Using git bisect for fun and profit

by Larry Garfield

Although Palantir uses Subversion for most our development, we do occasionally use other version control systems if a specific client needs to. Typically that ends up being git. I've personally only used it on one project so far, but did discover one interesting little feature that makes me really like it: bisect.

Picture this scenario. You're actively working on a project with a few other developers, all committing away as you develop new features for the site. Then you come back to a part of the site you've not touched in a while and, uh oh, some of the Javascript doesn't work the way it's supposed to and the CSS effects that go with the Javascript are AFU. How'd that happen? What did you do recently, and how did that change it? And most importantly, how do you fix it so you can get back to developing new stuff?

The simple option, of course, is to stand up and yell "OK, who broke my site?" While perhaps the most frequently-used solution it tends not to be the most effective. Even if someone knows, and is willing to own up to it, it's not always clear what they did. No, what you need to do is figure out what commit broke it, then figure out what in that commit broke it.

(Side note: This is why small, atomic commits are always better, because you don't need to unravel 3000 lines of code in one commit to see which of them broke something.)

A generally more useful approach is to go back and find some older version of the code from before it was broken, and then work your way forward to see when it broke. Then you know that's the commit that broke it, and can try to unravel what was wrong with that commit. If you have a lot of commits to go through, though, that can get tedious.

A faster, smarter method is to find some previous working commit, and then check the commit halfway between that one and the latest version you know is broken. If that version works, great, you know that the commit that broke it must be in the half of your commits later than that one. If that version is broken, great, you know that the commit that broke it must be in the half of your commits earlier than that one. Lather, rinse, repeat and you can very easily narrow down the problem to one commit having looked at only a tiny fraction of the available commits. (For the geeks in the audience, it would be on average an O(log n) binary search, which is pretty damned fast even when it's a human doing the comparison.)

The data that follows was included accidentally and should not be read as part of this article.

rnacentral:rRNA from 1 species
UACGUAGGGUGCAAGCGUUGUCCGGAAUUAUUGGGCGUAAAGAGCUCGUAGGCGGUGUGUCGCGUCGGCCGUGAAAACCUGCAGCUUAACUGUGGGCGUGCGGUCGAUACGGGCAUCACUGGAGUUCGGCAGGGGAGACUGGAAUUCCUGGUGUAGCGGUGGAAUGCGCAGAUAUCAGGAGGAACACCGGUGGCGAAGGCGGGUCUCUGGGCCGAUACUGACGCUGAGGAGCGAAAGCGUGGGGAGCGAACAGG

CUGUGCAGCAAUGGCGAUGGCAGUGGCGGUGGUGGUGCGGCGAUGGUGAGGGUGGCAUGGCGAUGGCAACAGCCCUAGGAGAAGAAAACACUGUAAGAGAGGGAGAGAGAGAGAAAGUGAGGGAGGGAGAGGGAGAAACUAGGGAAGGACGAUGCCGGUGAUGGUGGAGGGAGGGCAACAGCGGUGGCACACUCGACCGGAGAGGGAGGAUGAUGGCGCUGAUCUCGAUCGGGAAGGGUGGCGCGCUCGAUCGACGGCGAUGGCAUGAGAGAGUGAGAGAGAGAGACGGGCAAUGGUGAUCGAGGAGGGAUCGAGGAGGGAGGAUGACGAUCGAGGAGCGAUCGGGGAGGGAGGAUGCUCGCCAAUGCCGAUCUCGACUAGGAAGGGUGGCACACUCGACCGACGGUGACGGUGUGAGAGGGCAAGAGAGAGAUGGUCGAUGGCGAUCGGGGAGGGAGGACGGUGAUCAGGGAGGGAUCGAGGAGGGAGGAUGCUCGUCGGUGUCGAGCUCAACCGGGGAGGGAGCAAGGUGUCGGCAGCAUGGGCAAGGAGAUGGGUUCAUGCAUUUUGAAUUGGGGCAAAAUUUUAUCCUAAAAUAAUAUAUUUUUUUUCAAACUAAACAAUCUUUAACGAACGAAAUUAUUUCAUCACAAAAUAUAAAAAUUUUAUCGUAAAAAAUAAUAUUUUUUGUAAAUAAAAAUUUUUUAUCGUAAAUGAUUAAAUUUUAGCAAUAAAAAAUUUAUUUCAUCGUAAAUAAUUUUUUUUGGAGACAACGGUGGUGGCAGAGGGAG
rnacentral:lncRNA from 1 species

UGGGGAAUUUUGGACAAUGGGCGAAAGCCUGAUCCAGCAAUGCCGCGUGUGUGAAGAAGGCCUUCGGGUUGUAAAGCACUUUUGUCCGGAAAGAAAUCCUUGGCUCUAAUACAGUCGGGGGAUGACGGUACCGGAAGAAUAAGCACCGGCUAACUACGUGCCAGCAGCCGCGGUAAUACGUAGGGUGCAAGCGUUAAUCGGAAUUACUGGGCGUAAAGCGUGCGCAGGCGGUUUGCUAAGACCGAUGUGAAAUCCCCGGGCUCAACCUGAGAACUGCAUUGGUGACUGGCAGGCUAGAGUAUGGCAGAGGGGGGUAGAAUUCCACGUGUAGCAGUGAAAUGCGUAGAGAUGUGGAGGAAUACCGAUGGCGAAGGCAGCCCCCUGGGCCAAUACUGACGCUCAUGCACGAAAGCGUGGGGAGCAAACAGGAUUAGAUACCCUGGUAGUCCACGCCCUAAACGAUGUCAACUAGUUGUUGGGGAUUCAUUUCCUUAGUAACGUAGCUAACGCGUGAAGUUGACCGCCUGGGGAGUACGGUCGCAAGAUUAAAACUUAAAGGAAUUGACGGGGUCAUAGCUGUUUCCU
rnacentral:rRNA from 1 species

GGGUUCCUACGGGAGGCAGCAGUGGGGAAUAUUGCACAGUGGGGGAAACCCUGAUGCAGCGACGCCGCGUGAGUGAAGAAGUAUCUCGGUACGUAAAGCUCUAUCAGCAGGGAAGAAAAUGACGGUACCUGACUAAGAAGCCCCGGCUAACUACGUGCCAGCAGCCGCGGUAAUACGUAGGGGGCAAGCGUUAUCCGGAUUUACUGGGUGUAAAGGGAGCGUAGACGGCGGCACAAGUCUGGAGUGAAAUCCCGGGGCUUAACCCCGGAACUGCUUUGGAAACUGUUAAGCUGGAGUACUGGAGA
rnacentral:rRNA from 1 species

The process of chopping the list of commits in half is called "bisecting", and you can do it in pretty much any version control system you want. Git, however, offers a neat little tool called simply "bisect" that automates the process. To use it, you start from the HEAD of the branch you're investigating. Then type

git bisect start

That tells git to get out the ginsu knives. Then mark your current working checkout as broken with:

git bisect bad

Then tell git what past version you think is pre-broken with

git bisect good *commit-id*

In git all commit IDs are sha1 strings of gobbledygook, and presumably you'll have figured out what your last good revision was before you started. (You are reading this entire article before trying it at home, right?) Git will right away chop that list of commits in half and update you to the commit right in the middle. Then check to see if it's broken. Defining "broken" is left as an exercise to the reader. If that version is broken, simply type

git bisect bad

If it's working, type

git bisect good

Either way, git will record that fact and immediately slice the list in half again, giving you a new revision to check. Keep doing that until you git says "no more revisions to check, ah ha, you found it!" Then you know what commit introduced the bug. Take a look at the diff for that revision and its log message (you do write useful commit messages, don't you?) and you can, in most cases, quickly determine what went wrong. When you're done, just type

git bisect reset

to go back to HEAD so you can fix the problem. Total time spent in my case: 5 minutes (not counting time having Sam Boyer show me how to use git, of course). And because git stores the full revision history locally, there's no network traffic and each update is instantaneous.

Can your CVS do that?

And what did that five minutes buy me? Turns out, it was not one but two entirely separate problems. I'd expected the Javascript to have broken the CSS, too, but that wasn't the case at all. The Javascript was broken (predictably) by the installation of the jQuery update module, because jQuery made some subtle changes to the way it handled events in order to work around some bugs in Internet Explorer 6. Once we realized that, it was easy enough to fix.

The CSS bug was completely separate, even though we'd noticed it at the same time. It even came from a separate commit (as I quickly found thanks to git bisect). That was also caused by a workaround to make IE6 work that ended up not aligning properly in any other browser. Also quite easy to fix once we tracked down the problem.

Notice a pattern emerging?

In summary, then:

git bisect good
Internet Explorer 6 bad
Web reset

Happy coding!


Oh yes, git bisect and many more are why I choose to use git as much as possible. Keep in mind, even though Palantir uses subversion as the primary repository, you can still use git-svn and allow you to have a multitude of git tools at your disposal.

My favorite things about git, by far, are the ability to 1) commit hunks of files, 2) queue up commits before pushing them to the team.